The ring will be located in short right field, about where Robinson Cano shifts to when David Ortiz is at the plate. On June 5, a Saturday night, the new Yankee Stadium will wake up memories of the old Stadium's past, when names like Gene Tunney, Joe Louis and Rocky Marciano regularly fought in the Bronx.
WBA super welterweight champion Yuri Foreman, a Brooklyn resident, will fight three-time world champion Miguel Cotto in the main event. But the featured attraction will be boxing at Yankee Stadium -- for the first time in 34 years, and for only the second time in more than a half-century.
"Someone asked me if it will have a playoff atmosphere," said Lonn Trost, the Yankees' chief operating officer. "I think it will."
Tickets will range in price from $150 to $400, Trost said, and will go on sale Friday, April 16. There will be 7,000 seats set up around the ring. The Yankees have yet to decide how much of the rest of the stadium they will open up, but they definitely will sell seats down the first-base line and in right field. "We can confidently expect to have at least 30,000 people," promoter Bob Arum said.
They will need Mother Nature on their side. The ring and the ringside fans will be protected by a blue canopy, but if it rains the fight will go on and fans in the other seats will be left unprotected. "I would prefer it didn't rain," Trost said with a smile.
The Yankees are smiling a lot about their stadium right now. Trost said the club has already sold 3.4 million tickets for 2010, which is ahead of last year's 3.7 million pace. And when the Yankees built the new Stadium, they planned on hosting more than just baseball. They plan to host concerts at the stadium, along with a Notre Dame-Army football game in November and the New Era Pinstripe Bowl on Dec. 30. And they have been negotiating with the NHL to bring its Jan. 1 Winter Classic to the Bronx.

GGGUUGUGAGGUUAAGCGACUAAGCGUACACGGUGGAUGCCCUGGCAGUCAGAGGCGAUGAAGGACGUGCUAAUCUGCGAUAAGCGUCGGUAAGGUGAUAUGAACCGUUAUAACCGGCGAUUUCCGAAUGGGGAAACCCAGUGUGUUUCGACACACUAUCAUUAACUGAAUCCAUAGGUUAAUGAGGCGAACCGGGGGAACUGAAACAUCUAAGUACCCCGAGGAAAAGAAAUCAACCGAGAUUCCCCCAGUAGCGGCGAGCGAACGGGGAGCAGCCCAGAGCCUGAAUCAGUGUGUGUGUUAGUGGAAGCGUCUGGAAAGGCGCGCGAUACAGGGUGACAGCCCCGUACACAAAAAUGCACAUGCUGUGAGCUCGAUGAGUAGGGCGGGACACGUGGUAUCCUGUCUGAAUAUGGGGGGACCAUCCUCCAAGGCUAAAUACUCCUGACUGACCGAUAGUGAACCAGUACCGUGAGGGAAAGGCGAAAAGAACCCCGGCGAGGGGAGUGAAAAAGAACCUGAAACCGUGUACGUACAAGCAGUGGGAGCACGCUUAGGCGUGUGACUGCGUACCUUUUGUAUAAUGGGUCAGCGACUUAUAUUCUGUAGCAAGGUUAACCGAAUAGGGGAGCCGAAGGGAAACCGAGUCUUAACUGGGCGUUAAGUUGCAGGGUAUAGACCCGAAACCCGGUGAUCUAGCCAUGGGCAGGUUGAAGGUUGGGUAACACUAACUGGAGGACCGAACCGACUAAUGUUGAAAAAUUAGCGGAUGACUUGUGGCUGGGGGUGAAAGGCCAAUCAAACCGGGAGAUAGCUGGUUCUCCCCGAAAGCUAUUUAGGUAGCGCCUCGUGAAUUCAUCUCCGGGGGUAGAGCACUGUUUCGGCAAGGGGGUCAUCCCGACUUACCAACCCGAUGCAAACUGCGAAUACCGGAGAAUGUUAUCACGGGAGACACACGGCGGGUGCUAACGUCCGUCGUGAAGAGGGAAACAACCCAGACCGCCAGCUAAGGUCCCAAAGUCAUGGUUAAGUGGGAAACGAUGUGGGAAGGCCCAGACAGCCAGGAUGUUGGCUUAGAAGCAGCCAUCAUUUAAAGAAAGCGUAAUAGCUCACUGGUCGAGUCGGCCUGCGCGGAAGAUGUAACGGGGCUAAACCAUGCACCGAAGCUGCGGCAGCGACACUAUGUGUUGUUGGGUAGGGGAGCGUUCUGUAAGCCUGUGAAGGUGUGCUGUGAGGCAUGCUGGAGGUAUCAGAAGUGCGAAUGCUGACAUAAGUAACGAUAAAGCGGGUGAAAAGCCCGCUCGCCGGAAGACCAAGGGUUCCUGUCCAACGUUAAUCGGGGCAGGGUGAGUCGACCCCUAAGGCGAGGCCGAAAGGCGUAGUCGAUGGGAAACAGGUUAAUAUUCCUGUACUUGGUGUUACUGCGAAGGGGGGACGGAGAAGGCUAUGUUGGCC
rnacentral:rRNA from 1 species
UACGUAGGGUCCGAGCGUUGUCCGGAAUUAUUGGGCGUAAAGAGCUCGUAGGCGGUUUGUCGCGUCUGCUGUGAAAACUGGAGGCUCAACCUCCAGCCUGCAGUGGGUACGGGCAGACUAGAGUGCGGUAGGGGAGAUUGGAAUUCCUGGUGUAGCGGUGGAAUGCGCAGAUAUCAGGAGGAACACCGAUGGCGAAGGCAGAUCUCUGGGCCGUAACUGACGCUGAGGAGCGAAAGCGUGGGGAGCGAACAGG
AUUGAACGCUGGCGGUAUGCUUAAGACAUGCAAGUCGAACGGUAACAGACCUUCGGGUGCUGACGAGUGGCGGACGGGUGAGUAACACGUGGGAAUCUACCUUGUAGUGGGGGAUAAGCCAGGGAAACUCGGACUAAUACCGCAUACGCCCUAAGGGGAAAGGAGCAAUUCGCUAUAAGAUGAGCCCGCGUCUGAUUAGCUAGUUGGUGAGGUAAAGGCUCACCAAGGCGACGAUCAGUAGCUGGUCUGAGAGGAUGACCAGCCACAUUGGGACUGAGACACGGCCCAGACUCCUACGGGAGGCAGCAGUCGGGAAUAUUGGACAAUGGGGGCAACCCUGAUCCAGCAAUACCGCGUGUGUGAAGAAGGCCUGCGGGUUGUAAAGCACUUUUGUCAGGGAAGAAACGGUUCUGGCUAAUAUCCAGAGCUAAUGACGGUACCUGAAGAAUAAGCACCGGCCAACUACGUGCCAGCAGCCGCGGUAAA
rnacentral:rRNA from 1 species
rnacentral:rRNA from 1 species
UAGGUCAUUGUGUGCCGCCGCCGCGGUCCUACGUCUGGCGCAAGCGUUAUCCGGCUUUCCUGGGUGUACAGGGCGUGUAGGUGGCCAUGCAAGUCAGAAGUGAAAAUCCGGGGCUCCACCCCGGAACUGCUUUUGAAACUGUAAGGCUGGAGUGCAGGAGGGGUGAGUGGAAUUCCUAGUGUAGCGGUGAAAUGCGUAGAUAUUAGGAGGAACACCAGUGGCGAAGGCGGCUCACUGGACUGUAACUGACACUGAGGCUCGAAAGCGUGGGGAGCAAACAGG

The last time boxing took place at the old Stadium, the nation was in the midst of celebrating its bicentennial. On Sept. 28, 1976, Muhammad Ali beat Ken Norton in a 15-round decision. Prior to Ali-Norton, the previous fight was in 1959, when Ingemar Johansson TKOed Floyd Patterson. From its first fight in 1923 (Jess Willard over Floyd Johnson), to Joe Louis and Max Schmeling in the '30s, to Rocky Marciano over Archie Moore in the '50s, the Stadium was one of the meccas of boxing, hosting 45 bouts over those 36 years.
Trost labeled the June 5 fight, "The Battle of the Bronx! The Battle of the Boroughs! The Stadium Slugfest!" Born in Belarus and raised in Israel, the 29-year-old Foreman is an orthodox Jew with a large New York following. He attended the press conference in style, wearing a gray bowler hat that looked like something writers used to wear when they covered fights at the old Stadium in the '30s. He topped it off with a white shirt and a pink tie to go along with plaid pants. "It is an honor fighting here," Foreman said.
Cotto, who is from Puerto Rico, has trained in the Bronx, which should help attendance, as well. The local nature of the initial fight night was by design.
When Trost came to the podium, he started reciting some of the names who fought at the old Stadium. "Gene Tunney, Joe Louis, Rocky Marciano ..." It was like the Bleacher Creatures were chanting a roll call of Yankees greats.
"As a boxing fan, you can't forget any of those names," Trost said.
The Yankees want to start adding more.